Tuesday, October 30, 2012

'Appy Daze!-- Kurt Vonnegut Lovefest

Ok.  I had meant to begin the first ‘Appy Daze weekly post yesterday, but personal circumstances (an argument, a headache, and a nasty dog scratch *ON MY FACE*) prevented my update.  As you can imagine, happy thoughts were not forthcoming.

Though my face still hurts and I remain terrified at the prospect of facial scarring (I’m a hypochondriac), I feel entirely better mood today and more equipped to write about happiness.

This week, I thought I would talk to you about my favorite author, Kurt Vonnegut.  Vonnegut (1922-2007) was a novelist and essayist known for writing darkly funny works that fused humor and science fiction into one quickly devoured nugget of zaniness (how’s that for mixed metaphors, eh?).  Today, Vonnegut is probably most remembered for his 1969 novel Slaughterhouse-Five, subtitled The Children’s Crusade, sub-sub-titled A Duty-Dance with Death, a novel about the time traveling experiences of a World War II vet (and survivor of the 1945 RAF firebombing of Dresden, Germany).  Slaughterhouse-Five, you won’t be surprised to learn, is my favorite book.

For someone such as myself-- someone who has some traumatic events in their past-- Vonnegut’s works really resonate.  Like Billy Pilgrim, the protagonist of Slaughterhouse-Five, Vonnegut was a former POW and survivor of the destruction of Dresden.  From some of the autobiographical details that Vonnegut wove into his works, it would rightly seem that being a witness to such unfathomable horror was an event that Vonnegut was never quite able to surmount.  From my personal experience, I believe this to be generally true about trauma: you are never able to “overcome” your trauma, you’re only able to come to terms with its presence.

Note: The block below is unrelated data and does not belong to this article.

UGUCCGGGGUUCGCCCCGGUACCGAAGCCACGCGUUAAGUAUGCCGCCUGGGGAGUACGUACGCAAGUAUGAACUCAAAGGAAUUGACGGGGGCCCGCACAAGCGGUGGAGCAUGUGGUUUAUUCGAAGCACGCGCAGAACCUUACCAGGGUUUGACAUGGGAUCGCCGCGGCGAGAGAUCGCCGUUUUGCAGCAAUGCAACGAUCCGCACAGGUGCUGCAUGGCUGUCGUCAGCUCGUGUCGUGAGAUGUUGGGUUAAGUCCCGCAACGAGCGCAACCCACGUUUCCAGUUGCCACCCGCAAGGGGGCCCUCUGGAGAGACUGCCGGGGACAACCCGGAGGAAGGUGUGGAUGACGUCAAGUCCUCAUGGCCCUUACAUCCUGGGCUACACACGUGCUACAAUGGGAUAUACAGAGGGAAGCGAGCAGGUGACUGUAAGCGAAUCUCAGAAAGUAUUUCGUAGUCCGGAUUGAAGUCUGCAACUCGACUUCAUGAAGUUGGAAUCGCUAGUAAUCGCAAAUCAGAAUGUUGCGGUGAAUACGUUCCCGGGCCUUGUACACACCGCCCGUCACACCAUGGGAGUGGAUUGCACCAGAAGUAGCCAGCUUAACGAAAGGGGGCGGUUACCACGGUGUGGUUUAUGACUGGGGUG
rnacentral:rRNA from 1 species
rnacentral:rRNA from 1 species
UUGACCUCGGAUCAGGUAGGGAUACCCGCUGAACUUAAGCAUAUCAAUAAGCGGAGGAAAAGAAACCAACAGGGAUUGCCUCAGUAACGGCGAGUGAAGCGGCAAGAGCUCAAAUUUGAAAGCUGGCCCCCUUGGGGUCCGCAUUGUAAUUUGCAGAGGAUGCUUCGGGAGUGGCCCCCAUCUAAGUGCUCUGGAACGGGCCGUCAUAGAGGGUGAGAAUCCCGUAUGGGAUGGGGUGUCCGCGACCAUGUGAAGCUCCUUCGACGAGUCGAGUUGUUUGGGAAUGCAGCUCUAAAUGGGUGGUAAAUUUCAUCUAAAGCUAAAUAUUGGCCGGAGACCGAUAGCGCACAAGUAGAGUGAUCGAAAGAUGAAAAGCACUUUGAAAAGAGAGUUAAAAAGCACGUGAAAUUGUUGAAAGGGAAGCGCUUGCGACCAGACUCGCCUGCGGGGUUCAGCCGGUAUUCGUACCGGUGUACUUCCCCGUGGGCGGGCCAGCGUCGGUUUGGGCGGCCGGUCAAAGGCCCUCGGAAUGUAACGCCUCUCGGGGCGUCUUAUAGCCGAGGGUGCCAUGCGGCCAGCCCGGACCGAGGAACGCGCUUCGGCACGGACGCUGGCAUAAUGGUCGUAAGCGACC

Vonnegut’s work is a testament to life after trauma; In Slaughterhouse-Five, Cat’s Cradle (one of my personal favorites), and Breakfast of Champions among others, Vonnegut constructs narratives among the ruins of life.  The story goes on even when we know what’s going to happen or what has happened; time is secondary, time stops when the world as you know it has crumbled in front of you.

As depressing as that may sound, it’s terrifically uplifting for people like myself who have struggled to overcome a difficult past.  Often, life seems as though it will never go on, as though nothing worthwhile can emerge from the wreckage of your life.  Not only was Vonnegut able to create works about the wreckage of life, he was able to do so with a sense of humor.  There’s hope, at least for me, among the atomic bomb blasts and super-freezing chemicals that populate Vonnegut’s work.

You may never make sense of your own trauma, but if you can pull an amused, Vonnegut inspired smirk at life’s absurdities and slights, well, that’s half the battle.  

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